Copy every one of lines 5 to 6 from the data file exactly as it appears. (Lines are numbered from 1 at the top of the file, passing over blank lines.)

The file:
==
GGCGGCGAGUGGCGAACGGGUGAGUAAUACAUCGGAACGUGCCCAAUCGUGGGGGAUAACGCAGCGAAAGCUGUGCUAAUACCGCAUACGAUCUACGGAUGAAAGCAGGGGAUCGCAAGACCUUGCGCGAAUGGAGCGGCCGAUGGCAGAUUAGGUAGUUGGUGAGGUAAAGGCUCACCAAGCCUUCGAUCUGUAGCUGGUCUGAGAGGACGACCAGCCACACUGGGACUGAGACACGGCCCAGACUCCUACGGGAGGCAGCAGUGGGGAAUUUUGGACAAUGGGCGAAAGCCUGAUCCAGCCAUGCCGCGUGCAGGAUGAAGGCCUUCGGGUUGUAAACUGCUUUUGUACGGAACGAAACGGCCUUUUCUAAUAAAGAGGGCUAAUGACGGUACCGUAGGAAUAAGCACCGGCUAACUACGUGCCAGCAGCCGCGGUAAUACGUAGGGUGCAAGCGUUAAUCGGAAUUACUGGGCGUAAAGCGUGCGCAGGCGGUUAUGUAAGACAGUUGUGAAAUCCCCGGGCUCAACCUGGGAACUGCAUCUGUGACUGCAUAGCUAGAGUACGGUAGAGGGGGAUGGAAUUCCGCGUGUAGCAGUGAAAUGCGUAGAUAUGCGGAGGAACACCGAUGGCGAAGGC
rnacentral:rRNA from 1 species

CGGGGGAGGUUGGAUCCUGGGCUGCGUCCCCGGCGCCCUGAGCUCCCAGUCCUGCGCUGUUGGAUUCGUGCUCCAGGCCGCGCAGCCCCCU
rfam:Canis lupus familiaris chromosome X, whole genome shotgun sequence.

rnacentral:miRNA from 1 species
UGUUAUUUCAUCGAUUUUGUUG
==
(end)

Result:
rnacentral:miRNA from 1 species
UGUUAUUUCAUCGAUUUUGUUG